Thirteen years ago, to help those who live in food deserts, Connecticut farmers markets in cities began doubling coupons from federal assistance programs like Women, Infants, and Children (WIC) and the Supplemental Nutrition Assistance Program (SNAP). These programs are designed to help people living at 130% of the poverty level and below afford produce and other healthy food. Of Connecticut children between 2 and 4 years old whose families participate in WIC, 14.4% fall in the obese range.
The SNAP and WIC discounts at farmers markets were the project of the Connecticut nonprofit Wholesome Wave, which formed in Bridgeport in 2007. It pushes for better federal benefits for low-income people. Its co-founder, Michel Nischan of Fairfield, is a nationally recognized leader in bringing locally grown food to the underserved.
Wholesome Wave’s first initiative was boosting SNAP benefits at farmers markets. Today, the initiatives started with private donors in 2007 are part of the federal Farm Bill. Two years ago, Congress designated the Gus Schumacher Nutrition Incentive Program, which gives states grants to make fresh produce easier to buy. It’s named for Wholesome Wave co-founder August Schumacher, a local food advocate who served as the Massachusetts agriculture chief from 1984 to 1990 and USDA undersecretary of agriculture for farm and foreign agricultural services from 1997 to 2001.
A dozen farmers markets across Connecticut—including in Bridgeport, Hartford, New Haven, Stamford and Willimantic—now double SNAP benefits with support from UConn Cooperative Extension. They issue tokens or coupons for fruits and vegetables that can be spent that day or later.
CitySeed’s farmers markets and stores in the New Haven area have one of the highest redemption rates of food assistance in the state, said Cortney Renton, its executive director. Last year, CitySeed redeemed $63,000 in SNAP, WIC and Senior Farmers’ Market Nutrition Program coupons at its markets and stores.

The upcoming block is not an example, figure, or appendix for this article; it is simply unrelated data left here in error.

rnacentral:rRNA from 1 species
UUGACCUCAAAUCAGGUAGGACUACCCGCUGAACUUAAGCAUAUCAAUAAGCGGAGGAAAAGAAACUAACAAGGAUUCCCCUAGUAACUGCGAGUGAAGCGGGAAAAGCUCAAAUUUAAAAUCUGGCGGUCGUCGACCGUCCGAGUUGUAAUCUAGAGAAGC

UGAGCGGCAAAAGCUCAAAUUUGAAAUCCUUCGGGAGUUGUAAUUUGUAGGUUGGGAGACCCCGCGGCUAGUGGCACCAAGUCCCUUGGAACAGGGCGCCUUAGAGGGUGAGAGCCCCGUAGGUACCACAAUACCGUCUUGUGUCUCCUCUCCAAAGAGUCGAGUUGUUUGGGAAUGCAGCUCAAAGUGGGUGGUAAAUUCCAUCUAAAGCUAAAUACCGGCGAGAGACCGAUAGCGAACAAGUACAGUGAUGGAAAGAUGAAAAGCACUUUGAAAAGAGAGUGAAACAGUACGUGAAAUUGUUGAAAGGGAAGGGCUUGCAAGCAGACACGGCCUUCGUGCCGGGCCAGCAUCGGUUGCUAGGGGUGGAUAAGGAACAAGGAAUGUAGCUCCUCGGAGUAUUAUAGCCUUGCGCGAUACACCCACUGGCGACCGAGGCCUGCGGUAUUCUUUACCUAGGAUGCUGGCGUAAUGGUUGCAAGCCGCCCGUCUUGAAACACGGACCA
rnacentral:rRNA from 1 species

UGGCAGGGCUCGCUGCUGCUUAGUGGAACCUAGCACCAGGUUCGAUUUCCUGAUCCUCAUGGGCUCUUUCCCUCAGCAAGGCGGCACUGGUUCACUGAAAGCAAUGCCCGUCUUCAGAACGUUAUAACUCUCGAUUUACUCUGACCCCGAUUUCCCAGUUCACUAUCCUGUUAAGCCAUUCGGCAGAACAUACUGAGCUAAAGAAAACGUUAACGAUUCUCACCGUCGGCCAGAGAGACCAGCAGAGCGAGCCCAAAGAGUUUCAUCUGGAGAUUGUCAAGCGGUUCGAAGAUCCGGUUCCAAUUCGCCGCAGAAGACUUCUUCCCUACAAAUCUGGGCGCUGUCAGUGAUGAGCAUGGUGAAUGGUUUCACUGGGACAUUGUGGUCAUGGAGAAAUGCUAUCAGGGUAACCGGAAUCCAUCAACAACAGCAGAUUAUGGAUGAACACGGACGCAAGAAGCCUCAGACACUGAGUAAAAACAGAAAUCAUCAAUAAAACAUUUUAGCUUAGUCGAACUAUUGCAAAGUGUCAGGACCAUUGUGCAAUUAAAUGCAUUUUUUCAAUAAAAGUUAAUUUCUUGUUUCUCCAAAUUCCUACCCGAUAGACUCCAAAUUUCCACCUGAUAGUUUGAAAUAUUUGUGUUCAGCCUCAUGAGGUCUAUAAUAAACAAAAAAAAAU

Renton said many activists have begun referring to food deserts as “food apartheid.” They believe the lack of access to healthy food grows out of broader policies that need to change.
Wholesome Wave co-founder Nischan said his desire for policy change dogged him from his early career as a chef. A native of Chicago, he spent childhood summers helping out on his grandfather’s small Missouri farm. “The farm was in a state of decline for a long time because food policy made it really hard for small family farms,” Nischan said. He struggled in the 1980s and 1990s to incorporate fresh produce into restaurants where he cooked in Milwaukee and New York. Then, 25 years ago, Nischan’s son was diagnosed with Type 1 diabetes, so good nutrition became even more important to his family.
For the past decade, Wholesome Wave has been working with hospitals to subsidize fresh produce purchases after prescribing their patients nutrition counseling. “What we are trying to prove is if we invested Medicaid dollars in prevention [like good food], it might cost less than treatment,” Nischan said.
Healthy food “should be an essential right for every American, regardless of income,” he said.
For information on Connecticut farmers markets go here.
This story was first published Sept. 8, 2020, by the Connecticut Health Investigative Team.